For the major part of her life, Funke had desired to own an iPhone. Quite weird, you might say. But I can’t blame her. I can’t blame her at all, because she wasn’t born with a silver spoon in her mouth. She has had to endure sharing classrooms with a bunch of spoilt kids from rich homes, flashing their smartphones in her presence as they would pose for various selfies after each class, while she managed her Nokia “torchlight” phone.
Funke had been an understanding daughter all this while. She understood that she came from a different home and should learn to be content with what she had. However, on a certain Tuesday evening, back from school, she couldn’t help it anymore so she confronted her mom.
“Mom, when would all this enduring stop?” she asked.
“Enduring? Girl, you’d better tell me if someone has been bullying you in school, so I can treat the person right!” her mom said.
“Relax, mom; I am talking about my phone. My mates in class are using sophisticated smartphones and I’m stuck with this thing. It’s embarrassing,” Funke said.
“Emba what? Wait. Just wait. If the phone can allow you make calls, send texts, and help you see whenever the power is out, then you shouldn’t be embarrassed; it’s simply doing what it was made to do,” she replied.
“No, mom, phones do more than all that these days; they send instant messages, snapchat great moments, tweet your thoughts and take high-quality selfies,” she said.
Hissing and shaking her head, her mom replied, “It’s clear to me that you are not serious and have your priorities mixed up. When I was your age, students didn’t even have mobile phones, not to talk of smartphones. So you’d better keep on enduring it because I can’t afford an iPhone or a Samsung. On the other hand, you can call your aunty, who should be coming back from the U.K. next week, to get you a smartphone for your upcoming birthday.”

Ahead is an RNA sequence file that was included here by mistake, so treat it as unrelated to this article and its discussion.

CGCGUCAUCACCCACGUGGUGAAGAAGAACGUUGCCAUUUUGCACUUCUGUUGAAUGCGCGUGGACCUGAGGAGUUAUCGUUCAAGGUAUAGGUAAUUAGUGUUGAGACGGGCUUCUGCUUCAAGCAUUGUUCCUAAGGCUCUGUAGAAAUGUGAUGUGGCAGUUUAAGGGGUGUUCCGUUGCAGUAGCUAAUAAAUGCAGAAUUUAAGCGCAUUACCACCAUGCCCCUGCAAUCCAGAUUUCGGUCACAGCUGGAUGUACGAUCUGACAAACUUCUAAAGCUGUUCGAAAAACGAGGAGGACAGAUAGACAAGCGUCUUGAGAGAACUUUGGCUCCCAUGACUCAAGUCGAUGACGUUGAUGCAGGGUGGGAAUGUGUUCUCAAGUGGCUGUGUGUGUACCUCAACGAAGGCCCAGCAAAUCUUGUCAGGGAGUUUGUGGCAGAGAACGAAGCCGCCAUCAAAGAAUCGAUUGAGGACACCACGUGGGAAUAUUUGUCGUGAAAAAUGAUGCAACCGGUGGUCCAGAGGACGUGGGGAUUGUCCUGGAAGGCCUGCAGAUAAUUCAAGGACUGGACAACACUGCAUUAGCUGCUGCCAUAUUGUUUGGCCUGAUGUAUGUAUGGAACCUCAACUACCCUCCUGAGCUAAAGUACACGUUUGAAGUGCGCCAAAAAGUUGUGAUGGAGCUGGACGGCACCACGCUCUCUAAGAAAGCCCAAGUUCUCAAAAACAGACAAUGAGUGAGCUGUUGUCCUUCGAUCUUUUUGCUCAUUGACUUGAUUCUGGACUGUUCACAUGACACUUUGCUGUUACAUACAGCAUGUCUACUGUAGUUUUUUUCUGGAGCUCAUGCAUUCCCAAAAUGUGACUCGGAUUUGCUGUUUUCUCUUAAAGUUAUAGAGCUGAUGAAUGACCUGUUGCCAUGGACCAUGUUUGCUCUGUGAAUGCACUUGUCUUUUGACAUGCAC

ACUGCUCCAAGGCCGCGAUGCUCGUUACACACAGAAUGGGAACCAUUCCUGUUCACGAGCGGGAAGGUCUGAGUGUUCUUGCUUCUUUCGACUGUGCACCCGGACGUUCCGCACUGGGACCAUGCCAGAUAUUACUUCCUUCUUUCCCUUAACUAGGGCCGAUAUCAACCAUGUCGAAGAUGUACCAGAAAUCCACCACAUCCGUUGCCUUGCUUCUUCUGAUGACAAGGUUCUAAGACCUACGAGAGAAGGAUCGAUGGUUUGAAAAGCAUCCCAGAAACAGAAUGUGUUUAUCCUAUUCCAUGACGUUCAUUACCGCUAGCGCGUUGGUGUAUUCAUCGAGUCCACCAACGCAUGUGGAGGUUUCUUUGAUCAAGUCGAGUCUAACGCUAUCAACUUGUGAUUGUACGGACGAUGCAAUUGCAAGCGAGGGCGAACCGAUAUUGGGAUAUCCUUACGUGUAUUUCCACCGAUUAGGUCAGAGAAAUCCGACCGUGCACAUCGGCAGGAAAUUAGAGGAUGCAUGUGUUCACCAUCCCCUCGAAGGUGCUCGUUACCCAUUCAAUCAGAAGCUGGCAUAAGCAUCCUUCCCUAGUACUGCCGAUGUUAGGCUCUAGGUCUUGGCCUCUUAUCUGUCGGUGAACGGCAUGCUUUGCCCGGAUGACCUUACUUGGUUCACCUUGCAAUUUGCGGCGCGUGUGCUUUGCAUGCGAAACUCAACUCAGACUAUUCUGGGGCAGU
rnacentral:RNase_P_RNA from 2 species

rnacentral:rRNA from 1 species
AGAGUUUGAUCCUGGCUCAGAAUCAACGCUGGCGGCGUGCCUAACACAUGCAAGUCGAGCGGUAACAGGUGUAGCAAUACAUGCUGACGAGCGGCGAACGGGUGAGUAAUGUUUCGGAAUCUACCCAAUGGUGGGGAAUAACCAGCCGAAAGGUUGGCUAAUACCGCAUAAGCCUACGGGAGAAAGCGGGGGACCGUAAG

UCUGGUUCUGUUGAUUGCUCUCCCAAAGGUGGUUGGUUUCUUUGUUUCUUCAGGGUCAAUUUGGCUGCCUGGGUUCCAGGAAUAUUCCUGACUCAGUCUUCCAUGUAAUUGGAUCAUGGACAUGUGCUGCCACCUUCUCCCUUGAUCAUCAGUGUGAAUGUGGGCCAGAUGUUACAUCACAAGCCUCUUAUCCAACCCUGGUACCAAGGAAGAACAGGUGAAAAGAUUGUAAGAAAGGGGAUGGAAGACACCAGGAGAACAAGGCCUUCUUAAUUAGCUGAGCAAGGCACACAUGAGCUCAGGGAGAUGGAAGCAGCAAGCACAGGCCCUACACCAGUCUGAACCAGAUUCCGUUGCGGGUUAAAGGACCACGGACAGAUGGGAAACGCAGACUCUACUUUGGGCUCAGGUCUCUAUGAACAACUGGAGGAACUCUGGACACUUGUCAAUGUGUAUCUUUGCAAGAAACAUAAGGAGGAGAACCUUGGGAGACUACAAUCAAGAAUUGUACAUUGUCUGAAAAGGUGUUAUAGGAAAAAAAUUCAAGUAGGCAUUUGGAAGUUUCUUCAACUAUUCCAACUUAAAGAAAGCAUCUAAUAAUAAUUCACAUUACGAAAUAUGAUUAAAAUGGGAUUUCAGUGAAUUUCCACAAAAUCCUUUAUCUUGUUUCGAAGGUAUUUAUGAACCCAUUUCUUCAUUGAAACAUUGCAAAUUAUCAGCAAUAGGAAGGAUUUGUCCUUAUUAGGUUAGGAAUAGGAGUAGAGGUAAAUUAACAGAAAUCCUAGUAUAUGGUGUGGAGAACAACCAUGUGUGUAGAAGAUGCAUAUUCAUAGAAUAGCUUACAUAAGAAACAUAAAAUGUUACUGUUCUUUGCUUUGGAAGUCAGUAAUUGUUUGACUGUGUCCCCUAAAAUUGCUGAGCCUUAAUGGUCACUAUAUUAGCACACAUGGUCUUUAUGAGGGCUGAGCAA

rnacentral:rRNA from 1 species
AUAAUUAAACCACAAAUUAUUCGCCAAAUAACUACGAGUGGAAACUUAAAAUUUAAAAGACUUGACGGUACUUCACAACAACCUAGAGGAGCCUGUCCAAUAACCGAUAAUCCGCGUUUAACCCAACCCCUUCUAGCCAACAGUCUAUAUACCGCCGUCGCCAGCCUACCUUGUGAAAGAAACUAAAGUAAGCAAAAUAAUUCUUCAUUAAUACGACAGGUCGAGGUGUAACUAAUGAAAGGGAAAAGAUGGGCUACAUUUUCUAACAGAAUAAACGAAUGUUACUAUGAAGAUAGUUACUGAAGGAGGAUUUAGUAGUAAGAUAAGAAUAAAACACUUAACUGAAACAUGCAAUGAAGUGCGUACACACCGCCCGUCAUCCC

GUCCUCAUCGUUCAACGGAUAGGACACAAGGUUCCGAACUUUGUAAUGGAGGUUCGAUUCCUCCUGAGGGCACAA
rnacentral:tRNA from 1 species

And that was what she did. Fortunately for her, she called her aunty while she was in an Apple shop, so she was able to get her an iPhone 5s.
Funke finally owned the phone of her dreams. She was now able to “feel among” during the selfie sessions after classes and tweet her thoughts — from what she was presently doing to how someone driving just splashed mud on her uniform with their car tyres. She immediately got so attached to and reliant on her phone. She hardly had a decent face to face conversation with her loved ones because she just had to quickly reply the instant messages. She began to live in her phone…and the thought of ever losing it scared her a lot.
Two weeks later, on her way to a wedding ceremony in which she had to take a bus to get to, she took about 50 selfies.
Suddenly, there was a gun on the neck of the driver; the robber commanded the bus driver to stop the bus, and of course, he obeyed.
“Everyone, get down and bring out all the valuables you have on you right now before I blow your brains out!” the robber said.
Everyone did exactly as he commanded; everyone except Funke. Her heart had begun a 1oom race the moment she saw the gun, so she quickly hid her iPhone. The robber began to take possession of all the valuables that were brought out. When he got to Funke, all she brought out was the money she had on her.
“Young lady, you must think this is a toy gun, abi?” the robber asked; then made sure he cleared Funke’s doubt (or “smartness”), “POW! POW!” he shot into the sky.
Funke began to shake uncontrollably, with the gun now pointed at her head.
“My friend, will you bring out that lovely iPhone you were taking selfies with throughout the journey before I literally burst your head! Your iPhone or your life!” the robber said.
After hearing this, various thoughts flashed through her mind. The thought of losing her precious phone was a very scary one that she never thought could be overcome by the present thoughts, which are — the thought of losing her life and not getting to see and spend quality time with her loved ones again, the thought of not achieving her dreams, and the thought of not making heaven if she died that moment, as she had been postponing giving God a chance in her life by surrendering to Jesus Christ. It was a moment of epiphany. She realized that all this while, her mom was right about what she said the other day — she had misplaced priorities.
Matthew 6:19-20 (NLT)
Don’t store up treasures here on earth, where moths eat them and rust destroys them, and where thieves break in and steal. Store your treasures in heaven, where moths and rust cannot destroy, and thieves do not break in and steal.